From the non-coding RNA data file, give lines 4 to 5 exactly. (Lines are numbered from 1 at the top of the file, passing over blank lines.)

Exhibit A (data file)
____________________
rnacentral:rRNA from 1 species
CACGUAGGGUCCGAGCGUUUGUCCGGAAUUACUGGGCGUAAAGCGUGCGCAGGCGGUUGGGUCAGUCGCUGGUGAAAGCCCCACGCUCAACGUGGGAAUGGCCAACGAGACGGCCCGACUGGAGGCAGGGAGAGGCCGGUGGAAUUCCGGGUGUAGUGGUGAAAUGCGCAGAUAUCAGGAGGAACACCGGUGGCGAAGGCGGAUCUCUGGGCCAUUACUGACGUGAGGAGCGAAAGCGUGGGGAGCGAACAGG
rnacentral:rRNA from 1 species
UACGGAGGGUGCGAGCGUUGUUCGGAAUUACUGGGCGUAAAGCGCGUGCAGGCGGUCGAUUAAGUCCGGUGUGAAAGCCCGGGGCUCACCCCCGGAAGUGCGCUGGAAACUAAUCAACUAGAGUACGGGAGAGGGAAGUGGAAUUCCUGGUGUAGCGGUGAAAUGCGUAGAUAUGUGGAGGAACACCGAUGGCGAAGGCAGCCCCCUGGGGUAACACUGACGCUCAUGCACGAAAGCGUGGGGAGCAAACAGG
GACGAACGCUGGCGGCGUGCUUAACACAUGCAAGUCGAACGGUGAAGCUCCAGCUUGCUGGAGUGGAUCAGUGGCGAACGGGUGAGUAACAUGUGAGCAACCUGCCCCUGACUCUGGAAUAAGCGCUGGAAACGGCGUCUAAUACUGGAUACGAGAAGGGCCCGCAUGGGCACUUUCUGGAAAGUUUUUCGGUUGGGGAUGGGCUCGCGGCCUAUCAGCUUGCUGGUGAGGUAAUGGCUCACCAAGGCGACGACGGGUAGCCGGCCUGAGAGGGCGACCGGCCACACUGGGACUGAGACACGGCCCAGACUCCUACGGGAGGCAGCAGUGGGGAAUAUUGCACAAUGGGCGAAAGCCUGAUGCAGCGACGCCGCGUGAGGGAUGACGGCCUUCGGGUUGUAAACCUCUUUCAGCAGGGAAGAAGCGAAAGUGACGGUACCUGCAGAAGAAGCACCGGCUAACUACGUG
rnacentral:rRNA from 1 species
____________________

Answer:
UACGGAGGGUGCGAGCGUUGUUCGGAAUUACUGGGCGUAAAGCGCGUGCAGGCGGUCGAUUAAGUCCGGUGUGAAAGCCCGGGGCUCACCCCCGGAAGUGCGCUGGAAACUAAUCAACUAGAGUACGGGAGAGGGAAGUGGAAUUCCUGGUGUAGCGGUGAAAUGCGUAGAUAUGUGGAGGAACACCGAUGGCGAAGGCAGCCCCCUGGGGUAACACUGACGCUCAUGCACGAAAGCGUGGGGAGCAAACAGG
GACGAACGCUGGCGGCGUGCUUAACACAUGCAAGUCGAACGGUGAAGCUCCAGCUUGCUGGAGUGGAUCAGUGGCGAACGGGUGAGUAACAUGUGAGCAACCUGCCCCUGACUCUGGAAUAAGCGCUGGAAACGGCGUCUAAUACUGGAUACGAGAAGGGCCCGCAUGGGCACUUUCUGGAAAGUUUUUCGGUUGGGGAUGGGCUCGCGGCCUAUCAGCUUGCUGGUGAGGUAAUGGCUCACCAAGGCGACGACGGGUAGCCGGCCUGAGAGGGCGACCGGCCACACUGGGACUGAGACACGGCCCAGACUCCUACGGGAGGCAGCAGUGGGGAAUAUUGCACAAUGGGCGAAAGCCUGAUGCAGCGACGCCGCGUGAGGGAUGACGGCCUUCGGGUUGUAAACCUCUUUCAGCAGGGAAGAAGCGAAAGUGACGGUACCUGCAGAAGAAGCACCGGCUAACUACGUG